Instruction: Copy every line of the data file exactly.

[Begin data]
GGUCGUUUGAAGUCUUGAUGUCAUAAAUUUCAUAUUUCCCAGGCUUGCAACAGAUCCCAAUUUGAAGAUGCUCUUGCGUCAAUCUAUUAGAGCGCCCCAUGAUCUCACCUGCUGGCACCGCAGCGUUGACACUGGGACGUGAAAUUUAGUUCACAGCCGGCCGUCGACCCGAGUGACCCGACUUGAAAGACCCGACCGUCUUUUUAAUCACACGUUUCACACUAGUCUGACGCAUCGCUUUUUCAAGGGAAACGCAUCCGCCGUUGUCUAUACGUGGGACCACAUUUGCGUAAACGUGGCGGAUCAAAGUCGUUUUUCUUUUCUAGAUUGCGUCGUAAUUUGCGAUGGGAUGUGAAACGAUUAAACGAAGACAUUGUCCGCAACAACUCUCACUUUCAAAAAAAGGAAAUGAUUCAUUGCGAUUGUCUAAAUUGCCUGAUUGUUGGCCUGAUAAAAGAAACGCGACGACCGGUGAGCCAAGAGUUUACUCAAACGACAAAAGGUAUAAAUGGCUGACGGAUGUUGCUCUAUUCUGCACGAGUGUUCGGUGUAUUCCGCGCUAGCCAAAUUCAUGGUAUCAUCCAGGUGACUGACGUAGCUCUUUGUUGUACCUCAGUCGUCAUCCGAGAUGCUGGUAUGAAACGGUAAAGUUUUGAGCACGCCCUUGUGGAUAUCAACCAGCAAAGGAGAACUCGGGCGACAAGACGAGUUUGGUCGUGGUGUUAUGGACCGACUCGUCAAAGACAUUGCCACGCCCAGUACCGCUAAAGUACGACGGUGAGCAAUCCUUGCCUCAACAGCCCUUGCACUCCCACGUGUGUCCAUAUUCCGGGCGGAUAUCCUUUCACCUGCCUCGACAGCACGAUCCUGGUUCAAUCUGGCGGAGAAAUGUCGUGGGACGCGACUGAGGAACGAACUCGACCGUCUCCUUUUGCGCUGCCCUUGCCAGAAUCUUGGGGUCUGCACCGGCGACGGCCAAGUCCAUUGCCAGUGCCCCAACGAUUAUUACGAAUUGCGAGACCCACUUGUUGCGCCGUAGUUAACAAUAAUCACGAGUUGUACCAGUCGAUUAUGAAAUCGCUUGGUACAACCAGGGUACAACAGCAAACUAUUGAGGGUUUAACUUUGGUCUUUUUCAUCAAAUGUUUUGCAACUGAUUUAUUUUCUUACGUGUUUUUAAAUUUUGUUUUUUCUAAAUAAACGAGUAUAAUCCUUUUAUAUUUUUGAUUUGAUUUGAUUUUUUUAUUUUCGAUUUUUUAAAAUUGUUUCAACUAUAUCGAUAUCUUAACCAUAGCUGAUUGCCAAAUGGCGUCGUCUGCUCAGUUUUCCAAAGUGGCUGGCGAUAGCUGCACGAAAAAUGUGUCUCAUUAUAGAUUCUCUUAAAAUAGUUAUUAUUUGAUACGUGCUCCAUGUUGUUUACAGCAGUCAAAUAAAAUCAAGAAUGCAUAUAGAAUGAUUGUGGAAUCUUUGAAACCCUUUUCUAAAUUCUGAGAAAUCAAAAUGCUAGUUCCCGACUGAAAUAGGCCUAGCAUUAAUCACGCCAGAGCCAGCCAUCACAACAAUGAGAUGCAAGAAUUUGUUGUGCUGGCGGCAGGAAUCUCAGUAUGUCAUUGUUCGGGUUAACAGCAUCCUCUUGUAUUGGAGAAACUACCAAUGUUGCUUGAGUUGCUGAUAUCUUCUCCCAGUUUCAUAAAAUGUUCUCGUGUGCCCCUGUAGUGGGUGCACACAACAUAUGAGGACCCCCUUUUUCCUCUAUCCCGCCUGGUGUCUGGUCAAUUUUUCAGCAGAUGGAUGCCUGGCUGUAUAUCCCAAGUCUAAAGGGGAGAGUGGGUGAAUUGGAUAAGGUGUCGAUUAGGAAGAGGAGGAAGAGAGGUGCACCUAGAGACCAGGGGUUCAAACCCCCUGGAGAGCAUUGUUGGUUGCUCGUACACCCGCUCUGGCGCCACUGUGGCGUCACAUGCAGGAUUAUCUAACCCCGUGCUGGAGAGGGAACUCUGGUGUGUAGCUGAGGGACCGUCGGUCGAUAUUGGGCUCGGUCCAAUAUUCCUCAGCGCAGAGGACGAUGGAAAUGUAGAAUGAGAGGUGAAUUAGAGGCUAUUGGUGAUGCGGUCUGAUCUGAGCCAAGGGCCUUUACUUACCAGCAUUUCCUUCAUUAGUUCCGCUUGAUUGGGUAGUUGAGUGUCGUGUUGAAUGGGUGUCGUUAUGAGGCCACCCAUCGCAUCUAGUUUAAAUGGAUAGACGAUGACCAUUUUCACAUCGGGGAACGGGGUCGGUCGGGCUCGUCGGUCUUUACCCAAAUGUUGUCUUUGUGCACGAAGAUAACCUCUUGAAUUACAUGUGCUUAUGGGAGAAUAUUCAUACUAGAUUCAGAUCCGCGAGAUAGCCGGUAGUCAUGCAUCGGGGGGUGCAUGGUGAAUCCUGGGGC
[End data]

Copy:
GGUCGUUUGAAGUCUUGAUGUCAUAAAUUUCAUAUUUCCCAGGCUUGCAACAGAUCCCAAUUUGAAGAUGCUCUUGCGUCAAUCUAUUAGAGCGCCCCAUGAUCUCACCUGCUGGCACCGCAGCGUUGACACUGGGACGUGAAAUUUAGUUCACAGCCGGCCGUCGACCCGAGUGACCCGACUUGAAAGACCCGACCGUCUUUUUAAUCACACGUUUCACACUAGUCUGACGCAUCGCUUUUUCAAGGGAAACGCAUCCGCCGUUGUCUAUACGUGGGACCACAUUUGCGUAAACGUGGCGGAUCAAAGUCGUUUUUCUUUUCUAGAUUGCGUCGUAAUUUGCGAUGGGAUGUGAAACGAUUAAACGAAGACAUUGUCCGCAACAACUCUCACUUUCAAAAAAAGGAAAUGAUUCAUUGCGAUUGUCUAAAUUGCCUGAUUGUUGGCCUGAUAAAAGAAACGCGACGACCGGUGAGCCAAGAGUUUACUCAAACGACAAAAGGUAUAAAUGGCUGACGGAUGUUGCUCUAUUCUGCACGAGUGUUCGGUGUAUUCCGCGCUAGCCAAAUUCAUGGUAUCAUCCAGGUGACUGACGUAGCUCUUUGUUGUACCUCAGUCGUCAUCCGAGAUGCUGGUAUGAAACGGUAAAGUUUUGAGCACGCCCUUGUGGAUAUCAACCAGCAAAGGAGAACUCGGGCGACAAGACGAGUUUGGUCGUGGUGUUAUGGACCGACUCGUCAAAGACAUUGCCACGCCCAGUACCGCUAAAGUACGACGGUGAGCAAUCCUUGCCUCAACAGCCCUUGCACUCCCACGUGUGUCCAUAUUCCGGGCGGAUAUCCUUUCACCUGCCUCGACAGCACGAUCCUGGUUCAAUCUGGCGGAGAAAUGUCGUGGGACGCGACUGAGGAACGAACUCGACCGUCUCCUUUUGCGCUGCCCUUGCCAGAAUCUUGGGGUCUGCACCGGCGACGGCCAAGUCCAUUGCCAGUGCCCCAACGAUUAUUACGAAUUGCGAGACCCACUUGUUGCGCCGUAGUUAACAAUAAUCACGAGUUGUACCAGUCGAUUAUGAAAUCGCUUGGUACAACCAGGGUACAACAGCAAACUAUUGAGGGUUUAACUUUGGUCUUUUUCAUCAAAUGUUUUGCAACUGAUUUAUUUUCUUACGUGUUUUUAAAUUUUGUUUUUUCUAAAUAAACGAGUAUAAUCCUUUUAUAUUUUUGAUUUGAUUUGAUUUUUUUAUUUUCGAUUUUUUAAAAUUGUUUCAACUAUAUCGAUAUCUUAACCAUAGCUGAUUGCCAAAUGGCGUCGUCUGCUCAGUUUUCCAAAGUGGCUGGCGAUAGCUGCACGAAAAAUGUGUCUCAUUAUAGAUUCUCUUAAAAUAGUUAUUAUUUGAUACGUGCUCCAUGUUGUUUACAGCAGUCAAAUAAAAUCAAGAAUGCAUAUAGAAUGAUUGUGGAAUCUUUGAAACCCUUUUCUAAAUUCUGAGAAAUCAAAAUGCUAGUUCCCGACUGAAAUAGGCCUAGCAUUAAUCACGCCAGAGCCAGCCAUCACAACAAUGAGAUGCAAGAAUUUGUUGUGCUGGCGGCAGGAAUCUCAGUAUGUCAUUGUUCGGGUUAACAGCAUCCUCUUGUAUUGGAGAAACUACCAAUGUUGCUUGAGUUGCUGAUAUCUUCUCCCAGUUUCAUAAAAUGUUCUCGUGUGCCCCUGUAGUGGGUGCACACAACAUAUGAGGACCCCCUUUUUCCUCUAUCCCGCCUGGUGUCUGGUCAAUUUUUCAGCAGAUGGAUGCCUGGCUGUAUAUCCCAAGUCUAAAGGGGAGAGUGGGUGAAUUGGAUAAGGUGUCGAUUAGGAAGAGGAGGAAGAGAGGUGCACCUAGAGACCAGGGGUUCAAACCCCCUGGAGAGCAUUGUUGGUUGCUCGUACACCCGCUCUGGCGCCACUGUGGCGUCACAUGCAGGAUUAUCUAACCCCGUGCUGGAGAGGGAACUCUGGUGUGUAGCUGAGGGACCGUCGGUCGAUAUUGGGCUCGGUCCAAUAUUCCUCAGCGCAGAGGACGAUGGAAAUGUAGAAUGAGAGGUGAAUUAGAGGCUAUUGGUGAUGCGGUCUGAUCUGAGCCAAGGGCCUUUACUUACCAGCAUUUCCUUCAUUAGUUCCGCUUGAUUGGGUAGUUGAGUGUCGUGUUGAAUGGGUGUCGUUAUGAGGCCACCCAUCGCAUCUAGUUUAAAUGGAUAGACGAUGACCAUUUUCACAUCGGGGAACGGGGUCGGUCGGGCUCGUCGGUCUUUACCCAAAUGUUGUCUUUGUGCACGAAGAUAACCUCUUGAAUUACAUGUGCUUAUGGGAGAAUAUUCAUACUAGAUUCAGAUCCGCGAGAUAGCCGGUAGUCAUGCAUCGGGGGGUGCAUGGUGAAUCCUGGGGC